4. Tim Beach, Tom Prusa and Steve Kurtz (1993). City of Delights (Gem of Zakhara). (TSR, Inc), p. 52. ISBN 1-56076-589-5.
  5. 5.0 5.1 David Cook (October 1992). Golden Voyages (Map Booklet). (TSR, Inc). ISBN 978-1560763314.
  6. Jeff Grubb and Andria Hayday (April 1992). Arabian Adventures. (TSR, Inc), p. 85. ISBN 978-1560763581.
  7. 7.0 7.1 7.2 Tim Beach, Tom Prusa and Steve Kurtz (1993). City of Delights (Gem of Zakhara). (TSR, Inc), pp. 13–14. ISBN 1-56076-589-5.
  8. Tim Beach, Tom Prusa and Steve Kurtz (1993). Al-Qadim: City of Delights (Golden Huzuz). (TSR, Inc), pp. 35–37. ISBN 1-56076-589-5.
  9. 9.0 9.1 Tim Beach, Tom Prusa and Steve Kurtz (1993). Al-Qadim: City of Delights (Golden Huzuz). (TSR, Inc), p. 24. ISBN 1-56076-589-5.
  10. 10.0 10.1 Tim Beach, Tom Prusa and Steve Kurtz (1993). Al-Qadim: City of Delights (Golden Huzuz). (TSR, Inc), p. 30. ISBN 1-56076-589-5.
  11. 11.0 11.1 11.2 Tim Beach, Tom Prusa and Steve Kurtz (1993). Al-Qadim: City of Delights (Golden Huzuz). (TSR, Inc), p. 11. ISBN 1-56076-589-5.
  12. Tim Beach, Tom Prusa and Steve Kurtz (1993). Al-Qadim: City of Delights (Golden Huzuz). (TSR, Inc), p. 26. ISBN 1-56076-589-5.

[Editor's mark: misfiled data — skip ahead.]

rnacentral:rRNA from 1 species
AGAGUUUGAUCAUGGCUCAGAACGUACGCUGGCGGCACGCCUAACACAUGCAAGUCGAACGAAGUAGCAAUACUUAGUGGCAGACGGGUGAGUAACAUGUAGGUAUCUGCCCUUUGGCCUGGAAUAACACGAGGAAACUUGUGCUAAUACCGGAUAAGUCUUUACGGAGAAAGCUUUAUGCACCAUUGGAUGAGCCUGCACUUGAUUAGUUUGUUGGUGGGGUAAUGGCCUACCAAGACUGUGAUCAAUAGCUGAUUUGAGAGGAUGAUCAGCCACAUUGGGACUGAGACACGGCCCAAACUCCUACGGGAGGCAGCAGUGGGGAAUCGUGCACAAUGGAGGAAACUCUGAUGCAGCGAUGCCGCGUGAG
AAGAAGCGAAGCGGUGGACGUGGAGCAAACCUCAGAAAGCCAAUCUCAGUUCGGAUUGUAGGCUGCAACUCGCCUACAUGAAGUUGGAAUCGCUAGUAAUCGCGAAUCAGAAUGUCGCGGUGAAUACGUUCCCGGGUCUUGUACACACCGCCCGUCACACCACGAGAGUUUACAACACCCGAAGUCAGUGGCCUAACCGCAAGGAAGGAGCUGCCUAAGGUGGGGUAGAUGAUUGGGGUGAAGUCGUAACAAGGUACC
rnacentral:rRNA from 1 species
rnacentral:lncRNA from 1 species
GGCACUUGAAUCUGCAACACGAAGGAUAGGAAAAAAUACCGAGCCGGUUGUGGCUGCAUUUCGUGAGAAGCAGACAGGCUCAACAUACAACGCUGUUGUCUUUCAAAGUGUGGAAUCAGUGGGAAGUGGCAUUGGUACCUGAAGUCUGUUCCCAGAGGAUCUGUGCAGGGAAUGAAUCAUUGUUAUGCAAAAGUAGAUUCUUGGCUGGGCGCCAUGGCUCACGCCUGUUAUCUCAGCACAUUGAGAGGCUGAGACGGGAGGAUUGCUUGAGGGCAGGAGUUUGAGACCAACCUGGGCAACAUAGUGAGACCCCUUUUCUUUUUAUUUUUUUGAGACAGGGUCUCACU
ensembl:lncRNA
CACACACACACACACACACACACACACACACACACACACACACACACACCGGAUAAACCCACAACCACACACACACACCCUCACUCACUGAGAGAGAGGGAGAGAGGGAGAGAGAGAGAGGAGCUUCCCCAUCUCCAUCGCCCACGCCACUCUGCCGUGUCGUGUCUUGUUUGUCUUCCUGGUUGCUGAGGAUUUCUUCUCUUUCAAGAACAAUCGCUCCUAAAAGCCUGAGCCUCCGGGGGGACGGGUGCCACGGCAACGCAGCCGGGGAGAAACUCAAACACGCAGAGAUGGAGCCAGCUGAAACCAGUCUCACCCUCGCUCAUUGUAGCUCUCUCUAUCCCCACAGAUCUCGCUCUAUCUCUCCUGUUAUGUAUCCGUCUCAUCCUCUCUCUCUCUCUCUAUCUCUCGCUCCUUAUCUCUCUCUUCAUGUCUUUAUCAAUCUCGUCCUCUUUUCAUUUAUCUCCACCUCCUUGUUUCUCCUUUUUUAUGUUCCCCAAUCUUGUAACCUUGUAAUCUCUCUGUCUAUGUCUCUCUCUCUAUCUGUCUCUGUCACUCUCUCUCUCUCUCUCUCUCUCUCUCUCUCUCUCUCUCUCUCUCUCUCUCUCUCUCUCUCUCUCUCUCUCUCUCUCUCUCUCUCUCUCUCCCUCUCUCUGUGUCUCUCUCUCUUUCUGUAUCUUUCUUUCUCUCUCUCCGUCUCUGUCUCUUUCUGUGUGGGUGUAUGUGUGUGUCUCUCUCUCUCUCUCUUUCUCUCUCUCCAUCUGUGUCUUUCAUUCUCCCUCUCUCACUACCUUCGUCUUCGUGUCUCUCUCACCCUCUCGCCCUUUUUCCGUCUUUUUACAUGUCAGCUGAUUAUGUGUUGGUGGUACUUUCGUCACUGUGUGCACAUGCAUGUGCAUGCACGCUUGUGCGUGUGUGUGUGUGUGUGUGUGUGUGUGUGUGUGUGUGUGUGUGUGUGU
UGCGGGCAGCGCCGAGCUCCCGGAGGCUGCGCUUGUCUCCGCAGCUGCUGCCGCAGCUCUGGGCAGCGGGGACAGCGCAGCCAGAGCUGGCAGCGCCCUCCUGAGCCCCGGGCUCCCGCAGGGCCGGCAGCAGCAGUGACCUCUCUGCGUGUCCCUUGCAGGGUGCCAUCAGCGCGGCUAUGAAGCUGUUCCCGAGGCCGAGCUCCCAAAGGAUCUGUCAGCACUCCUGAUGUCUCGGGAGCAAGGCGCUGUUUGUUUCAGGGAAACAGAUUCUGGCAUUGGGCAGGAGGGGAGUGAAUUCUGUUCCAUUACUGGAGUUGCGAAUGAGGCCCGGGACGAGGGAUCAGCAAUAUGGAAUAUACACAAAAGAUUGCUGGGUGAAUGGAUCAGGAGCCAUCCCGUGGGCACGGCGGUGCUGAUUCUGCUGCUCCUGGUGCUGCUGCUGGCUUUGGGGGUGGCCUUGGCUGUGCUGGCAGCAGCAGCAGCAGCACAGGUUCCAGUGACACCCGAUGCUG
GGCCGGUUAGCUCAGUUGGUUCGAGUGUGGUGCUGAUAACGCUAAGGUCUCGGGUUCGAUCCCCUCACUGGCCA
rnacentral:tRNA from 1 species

13. Tim Beach, Tom Prusa and Steve Kurtz (1993). Al-Qadim: City of Delights (Golden Huzuz). (TSR, Inc), p. 29. ISBN 1-56076-589-5.
  14. Tim Beach, Tom Prusa and Steve Kurtz (1993). City of Delights (Gem of Zakhara). (TSR, Inc), pp. 40–43. ISBN 1-56076-589-5.
  15. Tim Beach, Tom Prusa and Steve Kurtz (1993). City of Delights (Gem of Zakhara). (TSR, Inc), pp. 8–9. ISBN 1-56076-589-5.
  16. 16.00 16.01 16.02 16.03 16.04 16.05 16.06 16.07 16.08 16.09 16.10 Tim Beach, Tom Prusa and Steve Kurtz (1993). Al-Qadim: City of Delights (Golden Huzuz). (TSR, Inc), pp. 23–26. ISBN 1-56076-589-5.
  17. Jeff Grubb (August 1992). Land of Fate (Fortunes and Fates). (TSR, Inc), p. 21. ISBN 978-1560763291.
  18. 18.0 18.1 18.2 Jeff Grubb (August 1992). Land of Fate (Adventurer's Guide to Zakhara). (TSR, Inc), pp. 25–27. ISBN 978-1560763291.
  19. 19.0 19.1 Tim Beach, Tom Prusa and Steve Kurtz (1993). City of Delights (Cardsheets). (TSR, Inc). ISBN 1-56076-589-5.
  20. Tim Beach, Tom Prusa and Steve Kurtz (1993). City of Delights (Gem of Zakhara). (TSR, Inc), p. 81. ISBN 1-56076-589-5.
  21. Tim Beach, Tom Prusa and Steve Kurtz (1993). Al-Qadim: City of Delights (Golden Huzuz). (TSR, Inc), p. 79. ISBN 1-56076-589-5.
  22. 22.0 22.1 Tim Beach, Tom Prusa and Steve Kurtz (1993). Al-Qadim: City of Delights. (TSR, Inc). ISBN 1-56076-589-5.
  23. David C. Sutherland III and Cynthia K. Felegy (1993). City of Delights (Maps). In Tim Beach, Tom Prusa and Steve Kurtz eds. (TSR, Inc). ISBN 1-56076-589-5.

Further readingEdit

ConnectionsEdit

Quarters of Huzuz
HalwaHiyalHuzuzWasat
Other Settlements
AibHayyirMagribSaraqZarifZayir